3, Table 2). Evidence on indirect impact in low-coverage (<70%) settings
is mixed, with significant impact seen in some populations and not others. Data on indirect effect of PCV on AT–IPD showed a trend toward increasing impact with time (median decrease: 33%; IQR: 7–42%), though this website with lower overall impact compared to that on VT-IPD (Appendix B.3, Table 3). This impact on AT-IPD was observed in all non-target age-groups (Fig. 5) and is also noted in pneumococcal pneumonia  and . Data from mixed target and non-target groups show a greater decrease in VT-IPD rates than that in pure non-targeted groups, reflecting a mix of direct and indirect effect (Appendix B.3, Table 4). However, studies with 1-dose coverage data suggest a vaccine impact on VT-IPD that cannot be entirely accounted for by direct effect. Data were available for six unique populations: Australian aboriginals, Alaska Natives, American Indians, Gambians, Israelis and Portuguese PF-01367338 nmr (Appendix B.3, Table 5). Studies in children were primarily RCTs; those in adults were primarily observational. The median decrease
in VT-carriage prevalence (among either the study sample or, rarely, the subset who were carriers of any pneumococcal strain) was 77% (IQR 64–80%). Data points did not span a sufficient time range to evaluate time-related trends. The majority of carriage data is drawn from high-risk populations. Few additional supporting data points were identified for NP carriage. Supporting data are listed for pre- vs. post-introduction all-type NP in non-target groups and pre- vs. post-introduction VT-carriage in mixed groups in Appendix B.3, Tables 6 and 7; a discussion is provided in Appendix B.4. A relevant data point not eligible for inclusion due to publication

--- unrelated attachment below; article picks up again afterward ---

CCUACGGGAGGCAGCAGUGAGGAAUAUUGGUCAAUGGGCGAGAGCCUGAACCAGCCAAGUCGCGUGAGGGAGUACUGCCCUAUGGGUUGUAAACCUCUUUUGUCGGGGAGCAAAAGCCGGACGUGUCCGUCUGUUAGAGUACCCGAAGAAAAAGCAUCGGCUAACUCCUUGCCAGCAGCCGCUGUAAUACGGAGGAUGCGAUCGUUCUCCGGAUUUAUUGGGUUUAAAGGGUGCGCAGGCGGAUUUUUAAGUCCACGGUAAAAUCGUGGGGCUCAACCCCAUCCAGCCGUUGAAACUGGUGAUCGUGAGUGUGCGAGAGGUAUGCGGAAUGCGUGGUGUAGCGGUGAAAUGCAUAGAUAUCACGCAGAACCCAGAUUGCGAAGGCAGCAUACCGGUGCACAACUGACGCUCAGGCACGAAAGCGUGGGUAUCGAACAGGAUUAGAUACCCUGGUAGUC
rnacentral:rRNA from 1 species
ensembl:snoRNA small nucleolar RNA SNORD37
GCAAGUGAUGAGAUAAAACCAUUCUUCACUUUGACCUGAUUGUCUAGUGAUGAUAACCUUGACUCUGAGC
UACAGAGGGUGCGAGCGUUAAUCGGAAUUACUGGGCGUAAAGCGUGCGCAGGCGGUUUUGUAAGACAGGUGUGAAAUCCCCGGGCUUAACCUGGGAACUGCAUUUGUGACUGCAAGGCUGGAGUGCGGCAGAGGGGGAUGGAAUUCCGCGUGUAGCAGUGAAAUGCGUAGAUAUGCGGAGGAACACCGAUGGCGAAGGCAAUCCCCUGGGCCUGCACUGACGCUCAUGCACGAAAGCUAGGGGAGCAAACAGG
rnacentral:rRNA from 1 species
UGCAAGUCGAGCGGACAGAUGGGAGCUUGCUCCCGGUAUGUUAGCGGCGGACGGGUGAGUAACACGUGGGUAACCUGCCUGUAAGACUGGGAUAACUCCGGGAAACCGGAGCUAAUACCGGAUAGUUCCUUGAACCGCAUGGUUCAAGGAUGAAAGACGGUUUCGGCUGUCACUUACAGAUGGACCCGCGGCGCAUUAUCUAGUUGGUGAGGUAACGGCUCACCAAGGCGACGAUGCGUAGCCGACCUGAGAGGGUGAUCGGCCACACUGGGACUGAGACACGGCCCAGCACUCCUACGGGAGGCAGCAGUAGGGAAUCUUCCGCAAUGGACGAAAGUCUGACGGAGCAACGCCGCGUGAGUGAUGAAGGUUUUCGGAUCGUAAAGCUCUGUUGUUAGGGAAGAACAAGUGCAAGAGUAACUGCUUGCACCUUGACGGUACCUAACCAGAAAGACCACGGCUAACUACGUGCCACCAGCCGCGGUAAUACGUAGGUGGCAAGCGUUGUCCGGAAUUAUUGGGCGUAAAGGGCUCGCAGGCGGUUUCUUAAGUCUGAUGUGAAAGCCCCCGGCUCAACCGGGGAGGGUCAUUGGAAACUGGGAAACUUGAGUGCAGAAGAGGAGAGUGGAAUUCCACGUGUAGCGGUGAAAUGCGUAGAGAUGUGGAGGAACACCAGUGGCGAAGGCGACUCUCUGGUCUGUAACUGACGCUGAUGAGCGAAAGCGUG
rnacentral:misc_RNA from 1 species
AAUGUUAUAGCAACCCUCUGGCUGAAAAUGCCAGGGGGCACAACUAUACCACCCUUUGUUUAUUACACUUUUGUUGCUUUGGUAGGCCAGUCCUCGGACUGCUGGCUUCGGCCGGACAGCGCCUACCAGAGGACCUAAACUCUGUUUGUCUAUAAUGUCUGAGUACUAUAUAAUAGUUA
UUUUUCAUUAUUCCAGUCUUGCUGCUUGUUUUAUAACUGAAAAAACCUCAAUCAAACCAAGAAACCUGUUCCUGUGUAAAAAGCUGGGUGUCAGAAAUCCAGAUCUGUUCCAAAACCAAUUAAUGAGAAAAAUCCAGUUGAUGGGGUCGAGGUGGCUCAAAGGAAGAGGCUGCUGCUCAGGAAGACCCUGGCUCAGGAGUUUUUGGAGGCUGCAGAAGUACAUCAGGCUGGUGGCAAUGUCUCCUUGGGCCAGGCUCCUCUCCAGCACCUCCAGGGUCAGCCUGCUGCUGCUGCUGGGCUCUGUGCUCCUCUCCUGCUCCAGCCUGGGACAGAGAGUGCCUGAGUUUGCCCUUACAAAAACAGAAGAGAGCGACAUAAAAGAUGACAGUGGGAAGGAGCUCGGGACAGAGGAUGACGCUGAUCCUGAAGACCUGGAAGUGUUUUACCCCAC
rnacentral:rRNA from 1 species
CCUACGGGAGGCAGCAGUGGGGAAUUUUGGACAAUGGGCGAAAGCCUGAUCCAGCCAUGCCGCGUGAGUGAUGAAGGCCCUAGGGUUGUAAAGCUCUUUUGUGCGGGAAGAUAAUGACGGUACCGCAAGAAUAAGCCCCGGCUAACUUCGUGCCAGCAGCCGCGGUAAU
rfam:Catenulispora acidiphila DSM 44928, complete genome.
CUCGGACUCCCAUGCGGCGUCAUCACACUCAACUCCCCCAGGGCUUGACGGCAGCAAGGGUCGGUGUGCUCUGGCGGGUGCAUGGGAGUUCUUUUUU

date comes from an observational study including Native American adults shortly after PCV introduction Ketanserin (2001–2002) and subsequently (2006–2008), finding a relative decrease of 97.5% and an absolute reduction of 4.0% in VT-NP . Most individual data points were categorized as low or very-low quality by GRADE criteria because nearly all data were from observational studies, and over half the primary evidence sources were further downgraded for including only high-risk populations, but few for methodological issues (Appendix B.5). While GRADE methodology categorizes observational studies as ‘low quality’, the GRADE system was designed to assess individual patient treatments, not to assess public health benefit. Furthermore, only observational, or community randomized studies can assess population-level post-introduction effects. An additional 14 studies published after the PCV Dosing Landscape Review search met primary evidence inclusion criteria.